By combining this with sensors that track where a finger is placed, the screen simulates the feeling of physical buttons and switches. For example, Colgate can simulate the feel of a concave button – like the iPhone’s home button – on a flat screen by applying vibrations from the button’s edge. These push a finger towards the centre so that it feels like it is entering a dip.
Another force pattern gives you the feeling of pushing a light switch from side to side. As soon as Colgate felt such a virtual switch, he found the illusion addictive. “It was like those monkeys that keep pressing a bar for apple juice because it excites the dopamine,” he says, referring to the brain’s reward chemical. “I genuinely hope one day others can feel a similar level of excitement.”
Eventually, such screens could also enhance gaming. So if you were playing Angry Birds on your phone, the elastic slingshot you use to launch the birds could be made to tug on your finger as you stretch the rubber back. Or the screens could make digital apps and files more intuitively related to their properties. As a folder of photos fills up, for instance, it could be programmed to “weigh” more, requiring a harder tug to drag it across the screen.
Realistically, Colgate’s technology is unlikely to appear on smartphones and tablets for a few years, not least because cheaply engineering the complex vibration required is a huge challenge. Still, he has set up a company called Tangible Haptics to develop the technology. He believes that such screens are bound to be adopted eventually because they give app developers and interaction designers an almost unlimited number of sensations to play with.
But there is a rival approach vying to become the touch technology of the future – and it dispenses with the idea of flat screens altogether.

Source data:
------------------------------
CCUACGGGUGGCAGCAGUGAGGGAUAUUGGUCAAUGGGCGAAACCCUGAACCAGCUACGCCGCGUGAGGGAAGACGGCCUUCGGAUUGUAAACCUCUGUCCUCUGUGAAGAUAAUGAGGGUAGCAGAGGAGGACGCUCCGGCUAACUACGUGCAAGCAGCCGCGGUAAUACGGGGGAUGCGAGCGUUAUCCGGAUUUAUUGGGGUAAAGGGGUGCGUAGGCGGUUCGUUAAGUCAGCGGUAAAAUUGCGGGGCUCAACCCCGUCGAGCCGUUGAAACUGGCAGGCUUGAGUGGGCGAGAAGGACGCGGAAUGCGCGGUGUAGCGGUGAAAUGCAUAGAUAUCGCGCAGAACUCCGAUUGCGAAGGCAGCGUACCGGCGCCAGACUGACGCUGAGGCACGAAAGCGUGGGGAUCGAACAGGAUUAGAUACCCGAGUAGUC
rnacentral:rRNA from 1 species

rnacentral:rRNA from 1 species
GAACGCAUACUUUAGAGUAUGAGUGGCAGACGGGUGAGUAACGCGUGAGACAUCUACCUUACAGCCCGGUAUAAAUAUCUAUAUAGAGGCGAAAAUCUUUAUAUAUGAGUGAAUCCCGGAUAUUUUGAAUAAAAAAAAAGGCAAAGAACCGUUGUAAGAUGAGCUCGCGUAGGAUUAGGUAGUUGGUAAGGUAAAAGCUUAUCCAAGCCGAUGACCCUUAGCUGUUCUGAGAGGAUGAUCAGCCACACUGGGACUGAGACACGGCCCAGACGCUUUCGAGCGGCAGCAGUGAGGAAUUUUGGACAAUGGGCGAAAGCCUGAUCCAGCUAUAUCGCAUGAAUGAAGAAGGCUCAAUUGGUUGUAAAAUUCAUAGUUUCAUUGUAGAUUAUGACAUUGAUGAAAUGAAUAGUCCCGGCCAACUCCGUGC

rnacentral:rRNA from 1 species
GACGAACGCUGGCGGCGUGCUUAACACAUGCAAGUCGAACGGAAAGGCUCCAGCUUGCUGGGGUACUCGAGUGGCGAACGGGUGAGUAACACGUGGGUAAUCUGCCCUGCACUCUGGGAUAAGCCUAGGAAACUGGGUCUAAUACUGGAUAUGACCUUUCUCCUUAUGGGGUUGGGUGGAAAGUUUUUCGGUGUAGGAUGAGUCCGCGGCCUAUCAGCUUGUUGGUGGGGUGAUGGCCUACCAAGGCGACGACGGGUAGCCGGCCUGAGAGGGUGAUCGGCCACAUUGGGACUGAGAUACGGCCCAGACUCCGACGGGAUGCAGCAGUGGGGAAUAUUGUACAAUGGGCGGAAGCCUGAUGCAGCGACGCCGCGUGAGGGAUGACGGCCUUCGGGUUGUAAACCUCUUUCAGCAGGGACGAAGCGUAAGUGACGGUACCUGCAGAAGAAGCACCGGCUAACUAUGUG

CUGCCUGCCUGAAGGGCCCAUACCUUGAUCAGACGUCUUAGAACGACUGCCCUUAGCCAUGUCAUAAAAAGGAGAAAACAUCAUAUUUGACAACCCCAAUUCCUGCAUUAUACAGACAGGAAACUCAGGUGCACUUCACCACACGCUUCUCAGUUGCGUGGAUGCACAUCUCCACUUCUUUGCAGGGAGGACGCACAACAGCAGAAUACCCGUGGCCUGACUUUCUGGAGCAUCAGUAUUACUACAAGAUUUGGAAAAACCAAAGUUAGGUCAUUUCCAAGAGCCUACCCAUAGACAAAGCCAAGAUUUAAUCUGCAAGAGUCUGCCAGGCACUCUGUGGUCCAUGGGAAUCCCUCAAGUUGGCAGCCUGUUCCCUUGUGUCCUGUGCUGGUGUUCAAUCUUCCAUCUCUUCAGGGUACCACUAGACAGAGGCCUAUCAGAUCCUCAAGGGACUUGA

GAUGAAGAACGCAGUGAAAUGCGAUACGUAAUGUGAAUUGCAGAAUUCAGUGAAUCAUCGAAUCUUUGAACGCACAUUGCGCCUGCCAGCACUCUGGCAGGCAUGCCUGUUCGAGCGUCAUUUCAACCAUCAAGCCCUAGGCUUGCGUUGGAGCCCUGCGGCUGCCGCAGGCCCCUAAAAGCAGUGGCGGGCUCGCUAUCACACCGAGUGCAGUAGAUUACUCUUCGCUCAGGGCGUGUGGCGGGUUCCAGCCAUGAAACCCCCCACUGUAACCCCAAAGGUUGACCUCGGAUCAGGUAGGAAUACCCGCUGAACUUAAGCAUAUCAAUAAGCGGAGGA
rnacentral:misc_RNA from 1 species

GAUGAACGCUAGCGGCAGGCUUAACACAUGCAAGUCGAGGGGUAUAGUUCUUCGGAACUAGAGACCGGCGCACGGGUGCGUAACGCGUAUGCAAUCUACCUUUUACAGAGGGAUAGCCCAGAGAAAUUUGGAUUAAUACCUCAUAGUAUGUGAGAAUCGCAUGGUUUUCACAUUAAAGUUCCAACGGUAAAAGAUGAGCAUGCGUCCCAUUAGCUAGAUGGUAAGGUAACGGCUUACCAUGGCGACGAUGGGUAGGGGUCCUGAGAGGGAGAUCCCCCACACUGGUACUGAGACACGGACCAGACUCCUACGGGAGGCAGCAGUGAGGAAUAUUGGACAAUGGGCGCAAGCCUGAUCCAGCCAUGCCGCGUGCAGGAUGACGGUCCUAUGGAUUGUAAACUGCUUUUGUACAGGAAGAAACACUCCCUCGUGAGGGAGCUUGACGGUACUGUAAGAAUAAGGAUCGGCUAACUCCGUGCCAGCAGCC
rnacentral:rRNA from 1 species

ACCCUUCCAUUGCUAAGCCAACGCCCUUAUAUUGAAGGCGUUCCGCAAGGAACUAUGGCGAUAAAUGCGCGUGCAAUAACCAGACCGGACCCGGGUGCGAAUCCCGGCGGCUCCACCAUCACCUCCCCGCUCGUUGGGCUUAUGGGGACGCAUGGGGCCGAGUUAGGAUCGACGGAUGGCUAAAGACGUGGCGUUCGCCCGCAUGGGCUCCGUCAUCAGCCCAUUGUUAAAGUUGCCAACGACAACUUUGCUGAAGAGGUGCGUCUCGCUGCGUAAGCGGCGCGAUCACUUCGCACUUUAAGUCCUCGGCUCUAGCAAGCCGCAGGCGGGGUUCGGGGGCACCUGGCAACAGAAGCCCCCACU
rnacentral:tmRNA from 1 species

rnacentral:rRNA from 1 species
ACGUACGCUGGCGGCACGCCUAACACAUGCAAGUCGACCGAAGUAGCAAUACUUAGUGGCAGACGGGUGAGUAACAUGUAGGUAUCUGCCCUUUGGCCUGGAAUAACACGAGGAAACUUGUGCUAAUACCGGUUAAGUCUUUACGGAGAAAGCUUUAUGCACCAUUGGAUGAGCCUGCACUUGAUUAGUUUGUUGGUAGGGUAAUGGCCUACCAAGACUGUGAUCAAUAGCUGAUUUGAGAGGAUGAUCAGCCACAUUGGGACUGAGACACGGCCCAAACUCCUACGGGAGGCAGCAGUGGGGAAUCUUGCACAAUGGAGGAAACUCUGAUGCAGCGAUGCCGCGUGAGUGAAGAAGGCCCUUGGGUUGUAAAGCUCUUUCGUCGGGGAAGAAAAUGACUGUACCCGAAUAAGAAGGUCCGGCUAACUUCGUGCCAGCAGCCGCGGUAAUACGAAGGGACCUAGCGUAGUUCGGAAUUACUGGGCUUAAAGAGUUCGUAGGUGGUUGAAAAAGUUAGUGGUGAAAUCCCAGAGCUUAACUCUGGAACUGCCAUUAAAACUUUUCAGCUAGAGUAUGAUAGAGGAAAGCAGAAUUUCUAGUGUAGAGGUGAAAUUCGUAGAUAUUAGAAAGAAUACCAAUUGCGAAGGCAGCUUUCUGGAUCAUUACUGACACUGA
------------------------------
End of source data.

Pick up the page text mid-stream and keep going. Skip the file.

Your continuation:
One example is a screen built by Chris Harrison and Scott Hudson at Carnegie Mellon University in Pittsburgh, Pennsylvania, which features shapes and buttons that rise out of it in 3D. A motor inflates cavities underneath a latex screen so that buttons emerge appropriate to the task at hand. It could produce any kind of keypad, such as a number pad, dials on a car dashboard or controls on a stereo. If the technology was applied to an ATM touchscreen, buttons could perhaps rise and fall depending on which actions were available, like entering a PIN or selecting how much cash to withdraw.
Harrison and Hudson’s technology is not ready for commercialisation, but a start-up called Tactus Technology, based in Fremont, California, is a bit closer to making raised screens real. Its screens have buttons, such as a keyboard or number pad, that rise up from a flat surface, pushed by fluid or gas.
All the shapes on these screens must be predefined during manufacture. But in 2010, Apple applied for a patent for a more exotic – and infinitely more flexible – morphing 3D screen. The patent described an elastic touchscreen with “shape change elements” beneath, which vibrate, bend or deform into any shape or position that a designer cared to program. Naturally, Apple isn’t talking about it, but if it is for real, it is not impossible that a future iPhone touchscreen could be capable of projecting and deforming into all sorts of shapes. Apart from allowing for more tactile buttons and keys, one use might be to add topography to a digital map of your surroundings, for example.
All in all, the touchscreens around the corner are likely to transform the ease with which we navigate the digital world. Various studies have shown that tactile sensations are crucial for dexterity and performance when we interact with machines. For instance, people make more errors when typing if their fingers are deprived of tactile feedback. So adding the sense of touch to screens will be more than just an aesthetic addition.
“Sometimes we need to remember what we’ve forgotten,” says Sile O’Modhrain, a tangible interfaces researcher at the University of Michigan in Ann Arbor. “Before computers came along, everybody’s world was very tactile. All of the things we used were mechanical.”
Indeed, the history of personal computers up until the early 21st century may strike future generations as a period when we were forced into a sort of digital sensory deprivation. When the virtual world can be poked, pushed and fiddled with in all its myriad textures and hefts, it may be difficult imagine how we lived this long without feeling it.